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Turkish markets not safe yet

Turkey’s trial by sanctions is starting only now

Turkish markets not safe yet

Investors   are signing the praise of resilient TL denominated assets, while a 250 basis point  rate cut by Central Bank of Turkey (CBRT) barely moves the exchange rate.  There is a mood among foreign financial investors that– once again- thanks to President Erdogan’s adroit wheelings and dealings, the worst is over for Turkey, and Erdogan’s second in command Mr. Berat Albayrak can safely focus on  producing a V-shaped recovery. “Not so fast!”  screams this columnist.  Turkey’s trial by sanctions is starting only now.

On Friday, “The United States is still in talks with Turkey to get Ankara to ‘walk away’ from the Russian missile defense system it bought, a senior State Department official said on Friday but warned Turkey that the risk of sanctions over the issue persisted, reported Reuters.

“There’s still work to get the Turks to walk away from the S400s: be it turn it off, send it back, destroy it, what have you,” the official told reporters, speaking on condition of anonymity. “That is still an ongoing issue. We’re talking about re-mediating, re-addressing, reconciling. That’s not off the table.”

“We are still working all these other issues that are not yet resolved with Turkey and the risk of CATSAA sanctions is part of that broader set of issues we have with the Turks,” he said, referring to penalties under the US law known as the Countering America’s Adversaries Through Sanctions Act.


And, this only the first shot across the bow. Al Monitor’s Bryant Harris reports:


President Donald Trump deemed a success the Syria deal his administration helped broker on Wednesday and immediately proceeded to lift the sanctions he had placed on Turkey. While some of his closest allies on Capitol Hill praised the agreement, they’re still eager to work with Democrats to slap Turkey with more biting sanctions.


Both Senate Foreign Relations Committee Chairman James Risch, R-Idaho, and Sen. Lindsey Graham, R-S.C., told Al-Monitor they would move forward with their competing Turkey sanctions bills.


(b)ills would sanction senior Turkish officials and Turkey’s state-run Halkbank. They would also ban US arms sales to Ankara while sanctioning any country that deals with the Turkish Armed Forces until Turkey withdraws from northeast Syria.


Additionally, both bills require Trump to report to Congress on President Recep Tayyip Erdogan’s net worth and clarify that the Trump administration must sanction Turkey under the 2017 Countering America’s Adversaries Through Sanctions Act because of its purchase of the Russian S-400 missile defense system.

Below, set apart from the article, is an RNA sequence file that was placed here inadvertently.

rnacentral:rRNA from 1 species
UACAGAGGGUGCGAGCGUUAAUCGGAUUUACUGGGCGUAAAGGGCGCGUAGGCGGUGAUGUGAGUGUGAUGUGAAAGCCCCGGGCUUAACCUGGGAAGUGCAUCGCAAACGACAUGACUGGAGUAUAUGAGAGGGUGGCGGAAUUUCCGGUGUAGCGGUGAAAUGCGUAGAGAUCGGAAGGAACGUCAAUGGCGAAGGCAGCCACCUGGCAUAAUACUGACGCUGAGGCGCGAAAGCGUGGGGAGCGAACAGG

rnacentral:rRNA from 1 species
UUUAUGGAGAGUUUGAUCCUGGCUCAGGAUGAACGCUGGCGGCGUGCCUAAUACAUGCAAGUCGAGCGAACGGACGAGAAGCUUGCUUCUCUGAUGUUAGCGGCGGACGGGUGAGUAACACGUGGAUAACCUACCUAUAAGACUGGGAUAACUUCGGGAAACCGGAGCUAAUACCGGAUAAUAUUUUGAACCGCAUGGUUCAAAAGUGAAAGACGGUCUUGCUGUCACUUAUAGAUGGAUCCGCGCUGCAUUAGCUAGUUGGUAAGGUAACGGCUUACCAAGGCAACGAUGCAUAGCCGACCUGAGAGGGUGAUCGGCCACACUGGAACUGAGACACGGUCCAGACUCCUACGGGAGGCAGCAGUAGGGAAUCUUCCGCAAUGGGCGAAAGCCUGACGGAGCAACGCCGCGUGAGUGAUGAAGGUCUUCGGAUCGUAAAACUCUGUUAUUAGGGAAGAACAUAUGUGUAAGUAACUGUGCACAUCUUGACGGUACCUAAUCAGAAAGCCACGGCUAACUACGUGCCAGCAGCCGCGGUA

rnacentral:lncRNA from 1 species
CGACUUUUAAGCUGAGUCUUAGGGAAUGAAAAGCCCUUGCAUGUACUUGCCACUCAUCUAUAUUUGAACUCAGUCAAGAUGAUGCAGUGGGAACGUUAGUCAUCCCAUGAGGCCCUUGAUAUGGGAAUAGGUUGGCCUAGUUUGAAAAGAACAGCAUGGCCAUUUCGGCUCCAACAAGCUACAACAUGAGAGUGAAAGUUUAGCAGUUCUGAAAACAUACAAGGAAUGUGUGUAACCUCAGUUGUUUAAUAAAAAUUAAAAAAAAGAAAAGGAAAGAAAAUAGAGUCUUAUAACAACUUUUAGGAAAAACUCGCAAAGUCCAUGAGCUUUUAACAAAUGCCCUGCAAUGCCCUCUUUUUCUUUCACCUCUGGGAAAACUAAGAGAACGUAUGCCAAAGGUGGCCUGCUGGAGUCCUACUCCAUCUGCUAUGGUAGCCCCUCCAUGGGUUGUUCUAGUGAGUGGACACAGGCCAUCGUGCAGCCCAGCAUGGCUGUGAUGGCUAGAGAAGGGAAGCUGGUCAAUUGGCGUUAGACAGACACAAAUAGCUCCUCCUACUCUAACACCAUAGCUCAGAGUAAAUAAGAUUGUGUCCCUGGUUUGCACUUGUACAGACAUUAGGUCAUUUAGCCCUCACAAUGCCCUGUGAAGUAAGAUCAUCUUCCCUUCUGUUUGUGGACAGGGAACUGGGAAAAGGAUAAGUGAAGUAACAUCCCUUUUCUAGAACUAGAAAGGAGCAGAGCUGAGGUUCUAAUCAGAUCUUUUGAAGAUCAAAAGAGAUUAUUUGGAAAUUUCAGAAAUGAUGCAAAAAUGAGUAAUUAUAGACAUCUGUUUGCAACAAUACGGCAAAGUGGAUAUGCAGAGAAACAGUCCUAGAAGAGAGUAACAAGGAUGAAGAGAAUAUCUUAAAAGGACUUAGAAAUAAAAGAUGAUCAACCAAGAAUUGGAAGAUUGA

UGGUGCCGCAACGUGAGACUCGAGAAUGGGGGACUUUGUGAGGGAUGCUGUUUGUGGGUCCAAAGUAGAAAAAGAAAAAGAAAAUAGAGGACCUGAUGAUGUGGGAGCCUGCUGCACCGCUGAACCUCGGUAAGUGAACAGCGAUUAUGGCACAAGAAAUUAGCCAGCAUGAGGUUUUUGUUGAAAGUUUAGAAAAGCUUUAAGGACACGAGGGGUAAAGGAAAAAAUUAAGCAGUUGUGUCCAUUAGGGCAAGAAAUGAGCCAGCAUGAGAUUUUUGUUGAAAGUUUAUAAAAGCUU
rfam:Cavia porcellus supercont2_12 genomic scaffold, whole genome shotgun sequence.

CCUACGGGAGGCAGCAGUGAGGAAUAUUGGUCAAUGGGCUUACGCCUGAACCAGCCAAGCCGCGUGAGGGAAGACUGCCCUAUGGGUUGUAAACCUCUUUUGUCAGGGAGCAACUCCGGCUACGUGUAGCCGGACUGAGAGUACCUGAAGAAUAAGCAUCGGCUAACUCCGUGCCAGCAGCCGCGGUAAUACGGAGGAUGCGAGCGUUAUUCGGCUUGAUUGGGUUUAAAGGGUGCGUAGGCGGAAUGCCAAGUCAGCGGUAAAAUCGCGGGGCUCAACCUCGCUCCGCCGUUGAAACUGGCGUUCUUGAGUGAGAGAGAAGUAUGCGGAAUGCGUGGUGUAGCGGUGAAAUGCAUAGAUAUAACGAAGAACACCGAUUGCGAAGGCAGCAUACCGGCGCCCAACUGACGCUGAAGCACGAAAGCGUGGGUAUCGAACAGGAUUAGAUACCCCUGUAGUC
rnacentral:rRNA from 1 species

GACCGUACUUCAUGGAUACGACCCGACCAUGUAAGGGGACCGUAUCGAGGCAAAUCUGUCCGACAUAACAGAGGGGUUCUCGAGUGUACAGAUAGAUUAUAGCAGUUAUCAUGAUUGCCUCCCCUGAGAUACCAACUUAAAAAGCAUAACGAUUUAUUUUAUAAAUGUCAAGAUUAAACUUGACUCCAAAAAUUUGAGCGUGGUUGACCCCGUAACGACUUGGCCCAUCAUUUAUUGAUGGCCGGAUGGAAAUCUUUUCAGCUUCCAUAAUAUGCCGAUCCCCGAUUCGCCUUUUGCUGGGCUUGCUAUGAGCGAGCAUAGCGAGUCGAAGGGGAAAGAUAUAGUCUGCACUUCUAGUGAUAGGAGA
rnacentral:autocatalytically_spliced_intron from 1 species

Frightened enough?  No, OK. How about this?


US District Judge Richard Berman on October 23 ordered Halkbank, Turkey’s second largest government-run lender, to send representation to the November 5 second hearing of ‘The US vs Halkbank’ Iran sanctions evasion case, Reuters reported. The bank failed to send anyone to the first hearing and was deemed to be a “fugitive” by prosecutors.


“Should Halkbank fail for a second time to appear pursuant to the Second Summons, the Court will consider any appropriate sanctions for knowing and willful noncompliance,” Berman said in a court filing.


Such sanctions would only amount to a penalty for failing to appear in court; they would not reflect a finding that the bank was guilty of the charges against it.


Halkbank declined to comment on the order, according to the news service.


According to Bloomberg:  An early accord might have cost in the low billions of dollars. Now that charges have been filed, we think any potential settlement — if one is reached — might be on par with, or exceed, the $8.9 billion BNP Paribas paid in 2014 for sanctions violations”  — Elliott Stein, senior litigation analyst

If any sanctions were to be legislated by US, or penalties levied on Halkbank, monetary policy would be first line of defense. But, it has already dropped its rifle to head for the bunker.   On Friday President Erdogan praised CBRT for complying with his wish for lower rates, wowing to see them in single digits “soon”.


If external shocks  won’t kill Turkish assets, Mr. Erdogan will take matters in hand, it seems


Damon H Grande





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